• Super Fly

    Super Fly


    The strangest thing about this movie is that it pretty much glorifies the life of a successful drug dealer (the car, the clothes, the women, the respect), and yet the main character, Priest (Ron O'Neal) wants very badly to get out. Several characters try to convince him to stay, giving their understandable reasons; he even muses about what he would do otherwise, and it doesn't sound like a lot of options are available (and yes, this is an illustration of…

  • The Hurt Locker

    The Hurt Locker


    Is it possible that though we've had numerous movies about the Iraq War, so few of them have been directly about the soldiers' experiences in the field? Most of them have had storylines involving people outside and around the war, or soldiers who come home and suffer post-traumatic stress; and almost all of them carried a political agenda. The Hurt Locker, straightforward in its approach about the adventures of a bomb defusing team in Iraq, is therefore weirdly refreshing. Thankfully,…

  • Public Enemies

    Public Enemies


    Public Enemies feels like experimental filmmaking and never seems to transcend that to something more profound or awe-inspiring. Michael Mann is still in digital video mode, combining it with handheld techniques to film a 1930's gangster pic. Though the images are never less than interesting, they also tended to annoy me most of the time. Simply put, the obviousness of the digital video (which mostly comes from odd lighting effects and moments of digital grain) are an automatic signifier to…

  • Invictus



    Review at ReelTalk Movie Reviews (written 12/7/2009).

  • Eat a Bowl of Tea

    Eat a Bowl of Tea


    Fairly interesting story about Chinese-Americans in 1940's Chinatown, NY, as seen from the p.o.v. of two generations: the older fathers of grown children, still trying to uphold traditions even though they've been in America (and have had their wives remain in China) for decades, and those grown children, who end up bearing the weights of those traditions. In this case, one father, Wah Gay (Victor Wong), sends his son, Ben Loy (Russell Wong), to pick up a bride (Cora Miao)…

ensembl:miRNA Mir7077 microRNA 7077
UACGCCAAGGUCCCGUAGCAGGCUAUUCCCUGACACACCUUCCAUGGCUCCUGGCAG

• The Kids Are All Right

    The Kids Are All Right


    This review may contain spoilers. I can handle the truth.

    Review at ReelTalk Movie Reviews (written 12/10/2010).

  • World of Tomorrow Episode Two: The Burden of Other People's Thoughts

    World of Tomorrow Episode Two: The Burden of Other People's Thoughts

    A little less deep and sad but quite a bit more absurdly funny than the first one, this also has some boggling visuals. Don Hertzfeldt gets really good with his digital toolbox. Also, it might make you think twice the next time you're about to squish a bug.

  • Chan Is Missing

    Chan Is Missing


    Not surprisingly, I relate pretty easily to this. The interesting thing about being a Chinese-American is that there isn't a lot of material out there about us and our experiences. There are plenty of movies about the Chinese in China, Hong Kong, and Taiwan, but not so much in America. Chan Is Missing is considered one of the earliest successful and critically lauded films from an Asian-American director, Wayne Wang, and he pretty much gets to the point right away…

  • Tangled



    Review at ReelTalk Movie Reviews (written 12/7/2010).

  • World of Tomorrow

    World of Tomorrow

    This review may contain spoilers. I can handle the truth.

    "This is your future, Emily Prime. It is sometimes a sad life, and it is a long life. You will feel a deep longing for something you cannot quite remember. It will be a beautiful visit, and then we shall share the same fate as the rest of the human race: dying horribly.

    "The advice I give you now is the advice I remember receiving from myself at your age in this moment, so I cannot be certain where it…

  • Back to the Future Part II

    Back to the Future Part II


    Movie night with the kids.

    At somewhere in the middle of the movie (in the start of the second act), both kids are mad at all the stuff going wrong, and older kid says: "This movie sucks!"

    By the end of the movie, older kid says: "OK, this movie has redeemed itself."

    Also, the way Griff says, "Since when did you become the physical type?" will never not crack me up.

    Please read my previous entry where I explain why Part II's main character is actually Biff.

  • Once Upon a Time in China

    Once Upon a Time in China


    2nd viewing. This film is popular, but I apparently have biases that prevent me from liking it more. It's a Chinese martial arts movie through and through, with exaggerated character types that appear in every one of these types of movies, from the stoic hero to his comedic sidekicks to the villains who are super-bullies if they're local to condescending assholes if they're foreign. As I had written in my first review, what makes this transcend those elements is Jet…